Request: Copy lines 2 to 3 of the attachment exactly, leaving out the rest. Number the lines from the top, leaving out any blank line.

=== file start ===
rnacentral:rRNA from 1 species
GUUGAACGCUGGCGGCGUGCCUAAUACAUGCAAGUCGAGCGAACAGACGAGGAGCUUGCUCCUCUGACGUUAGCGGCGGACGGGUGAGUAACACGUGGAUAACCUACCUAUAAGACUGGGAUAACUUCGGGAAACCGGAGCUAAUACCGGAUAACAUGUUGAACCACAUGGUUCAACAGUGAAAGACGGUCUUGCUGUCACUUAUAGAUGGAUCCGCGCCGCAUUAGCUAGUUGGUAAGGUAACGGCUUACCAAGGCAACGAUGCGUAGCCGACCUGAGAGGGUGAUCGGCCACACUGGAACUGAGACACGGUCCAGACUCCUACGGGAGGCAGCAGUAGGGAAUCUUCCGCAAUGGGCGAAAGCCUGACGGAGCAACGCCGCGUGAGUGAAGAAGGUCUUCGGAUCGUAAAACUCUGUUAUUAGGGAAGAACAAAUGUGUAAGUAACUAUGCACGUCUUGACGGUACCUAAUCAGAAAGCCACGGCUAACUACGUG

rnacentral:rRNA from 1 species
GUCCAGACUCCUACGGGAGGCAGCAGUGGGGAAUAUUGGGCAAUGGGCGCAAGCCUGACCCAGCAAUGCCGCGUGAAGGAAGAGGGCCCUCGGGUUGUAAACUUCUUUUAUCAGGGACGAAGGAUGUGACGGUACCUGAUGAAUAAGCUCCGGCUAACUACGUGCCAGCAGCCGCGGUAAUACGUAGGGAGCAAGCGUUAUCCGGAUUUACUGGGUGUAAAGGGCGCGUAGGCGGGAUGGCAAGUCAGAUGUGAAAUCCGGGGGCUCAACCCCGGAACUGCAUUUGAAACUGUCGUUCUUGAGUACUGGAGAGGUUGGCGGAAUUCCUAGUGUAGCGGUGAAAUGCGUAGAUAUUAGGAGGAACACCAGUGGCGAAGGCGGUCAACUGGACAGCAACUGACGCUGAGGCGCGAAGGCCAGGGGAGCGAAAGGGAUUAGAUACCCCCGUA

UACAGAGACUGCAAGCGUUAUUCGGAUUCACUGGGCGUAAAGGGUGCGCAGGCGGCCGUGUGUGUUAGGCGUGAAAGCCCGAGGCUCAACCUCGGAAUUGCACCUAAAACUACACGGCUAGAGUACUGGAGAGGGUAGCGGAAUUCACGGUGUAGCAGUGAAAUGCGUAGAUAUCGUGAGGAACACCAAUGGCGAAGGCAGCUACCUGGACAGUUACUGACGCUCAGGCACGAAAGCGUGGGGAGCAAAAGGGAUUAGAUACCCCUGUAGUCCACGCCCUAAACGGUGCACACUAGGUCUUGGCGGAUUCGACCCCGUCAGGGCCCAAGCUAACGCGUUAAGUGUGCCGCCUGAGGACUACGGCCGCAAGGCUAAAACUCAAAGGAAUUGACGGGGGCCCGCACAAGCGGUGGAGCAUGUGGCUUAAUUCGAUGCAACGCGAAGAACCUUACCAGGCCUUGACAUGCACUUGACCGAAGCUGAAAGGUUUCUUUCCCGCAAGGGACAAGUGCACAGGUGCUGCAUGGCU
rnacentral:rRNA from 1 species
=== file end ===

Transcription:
GUUGAACGCUGGCGGCGUGCCUAAUACAUGCAAGUCGAGCGAACAGACGAGGAGCUUGCUCCUCUGACGUUAGCGGCGGACGGGUGAGUAACACGUGGAUAACCUACCUAUAAGACUGGGAUAACUUCGGGAAACCGGAGCUAAUACCGGAUAACAUGUUGAACCACAUGGUUCAACAGUGAAAGACGGUCUUGCUGUCACUUAUAGAUGGAUCCGCGCCGCAUUAGCUAGUUGGUAAGGUAACGGCUUACCAAGGCAACGAUGCGUAGCCGACCUGAGAGGGUGAUCGGCCACACUGGAACUGAGACACGGUCCAGACUCCUACGGGAGGCAGCAGUAGGGAAUCUUCCGCAAUGGGCGAAAGCCUGACGGAGCAACGCCGCGUGAGUGAAGAAGGUCUUCGGAUCGUAAAACUCUGUUAUUAGGGAAGAACAAAUGUGUAAGUAACUAUGCACGUCUUGACGGUACCUAAUCAGAAAGCCACGGCUAACUACGUG

rnacentral:rRNA from 1 species